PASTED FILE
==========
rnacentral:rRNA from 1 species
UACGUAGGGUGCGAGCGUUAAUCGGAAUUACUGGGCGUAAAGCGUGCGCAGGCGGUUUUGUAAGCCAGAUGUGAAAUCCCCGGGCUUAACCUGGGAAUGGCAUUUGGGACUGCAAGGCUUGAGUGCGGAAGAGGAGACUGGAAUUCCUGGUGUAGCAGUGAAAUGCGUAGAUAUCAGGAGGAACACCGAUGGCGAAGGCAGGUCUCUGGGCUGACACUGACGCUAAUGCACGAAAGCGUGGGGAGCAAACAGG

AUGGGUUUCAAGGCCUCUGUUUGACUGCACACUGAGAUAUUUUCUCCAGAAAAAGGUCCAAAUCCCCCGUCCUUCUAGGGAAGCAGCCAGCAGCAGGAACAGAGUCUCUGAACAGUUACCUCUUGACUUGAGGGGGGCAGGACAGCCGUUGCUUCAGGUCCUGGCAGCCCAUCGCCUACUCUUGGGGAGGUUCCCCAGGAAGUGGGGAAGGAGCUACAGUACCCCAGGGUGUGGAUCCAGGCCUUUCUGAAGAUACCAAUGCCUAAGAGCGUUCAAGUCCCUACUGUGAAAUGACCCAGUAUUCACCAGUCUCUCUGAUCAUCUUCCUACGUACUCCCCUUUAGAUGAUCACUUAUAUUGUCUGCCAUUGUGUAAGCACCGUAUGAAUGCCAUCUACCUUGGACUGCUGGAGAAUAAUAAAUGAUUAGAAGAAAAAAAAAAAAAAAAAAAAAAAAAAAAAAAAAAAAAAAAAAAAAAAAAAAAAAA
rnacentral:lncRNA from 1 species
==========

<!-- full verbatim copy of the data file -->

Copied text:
rnacentral:rRNA from 1 species
UACGUAGGGUGCGAGCGUUAAUCGGAAUUACUGGGCGUAAAGCGUGCGCAGGCGGUUUUGUAAGCCAGAUGUGAAAUCCCCGGGCUUAACCUGGGAAUGGCAUUUGGGACUGCAAGGCUUGAGUGCGGAAGAGGAGACUGGAAUUCCUGGUGUAGCAGUGAAAUGCGUAGAUAUCAGGAGGAACACCGAUGGCGAAGGCAGGUCUCUGGGCUGACACUGACGCUAAUGCACGAAAGCGUGGGGAGCAAACAGG

AUGGGUUUCAAGGCCUCUGUUUGACUGCACACUGAGAUAUUUUCUCCAGAAAAAGGUCCAAAUCCCCCGUCCUUCUAGGGAAGCAGCCAGCAGCAGGAACAGAGUCUCUGAACAGUUACCUCUUGACUUGAGGGGGGCAGGACAGCCGUUGCUUCAGGUCCUGGCAGCCCAUCGCCUACUCUUGGGGAGGUUCCCCAGGAAGUGGGGAAGGAGCUACAGUACCCCAGGGUGUGGAUCCAGGCCUUUCUGAAGAUACCAAUGCCUAAGAGCGUUCAAGUCCCUACUGUGAAAUGACCCAGUAUUCACCAGUCUCUCUGAUCAUCUUCCUACGUACUCCCCUUUAGAUGAUCACUUAUAUUGUCUGCCAUUGUGUAAGCACCGUAUGAAUGCCAUCUACCUUGGACUGCUGGAGAAUAAUAAAUGAUUAGAAGAAAAAAAAAAAAAAAAAAAAAAAAAAAAAAAAAAAAAAAAAAAAAAAAAAAAAAA
rnacentral:lncRNA from 1 species